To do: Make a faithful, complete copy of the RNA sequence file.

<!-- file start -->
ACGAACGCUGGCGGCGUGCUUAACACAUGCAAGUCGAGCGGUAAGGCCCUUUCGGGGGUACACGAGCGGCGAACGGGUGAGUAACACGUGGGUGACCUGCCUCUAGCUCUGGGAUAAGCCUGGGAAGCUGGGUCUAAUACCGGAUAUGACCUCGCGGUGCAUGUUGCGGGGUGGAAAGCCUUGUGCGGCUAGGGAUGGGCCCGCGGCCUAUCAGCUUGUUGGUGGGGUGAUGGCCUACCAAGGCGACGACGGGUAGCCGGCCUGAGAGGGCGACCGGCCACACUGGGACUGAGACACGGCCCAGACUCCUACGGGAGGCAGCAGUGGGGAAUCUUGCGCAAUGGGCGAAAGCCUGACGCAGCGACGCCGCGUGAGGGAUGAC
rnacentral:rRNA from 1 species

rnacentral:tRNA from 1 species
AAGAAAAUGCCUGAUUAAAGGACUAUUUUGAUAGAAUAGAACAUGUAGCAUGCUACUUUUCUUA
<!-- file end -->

ACGAACGCUGGCGGCGUGCUUAACACAUGCAAGUCGAGCGGUAAGGCCCUUUCGGGGGUACACGAGCGGCGAACGGGUGAGUAACACGUGGGUGACCUGCCUCUAGCUCUGGGAUAAGCCUGGGAAGCUGGGUCUAAUACCGGAUAUGACCUCGCGGUGCAUGUUGCGGGGUGGAAAGCCUUGUGCGGCUAGGGAUGGGCCCGCGGCCUAUCAGCUUGUUGGUGGGGUGAUGGCCUACCAAGGCGACGACGGGUAGCCGGCCUGAGAGGGCGACCGGCCACACUGGGACUGAGACACGGCCCAGACUCCUACGGGAGGCAGCAGUGGGGAAUCUUGCGCAAUGGGCGAAAGCCUGACGCAGCGACGCCGCGUGAGGGAUGAC
rnacentral:rRNA from 1 species

rnacentral:tRNA from 1 species
AAGAAAAUGCCUGAUUAAAGGACUAUUUUGAUAGAAUAGAACAUGUAGCAUGCUACUUUUCUUA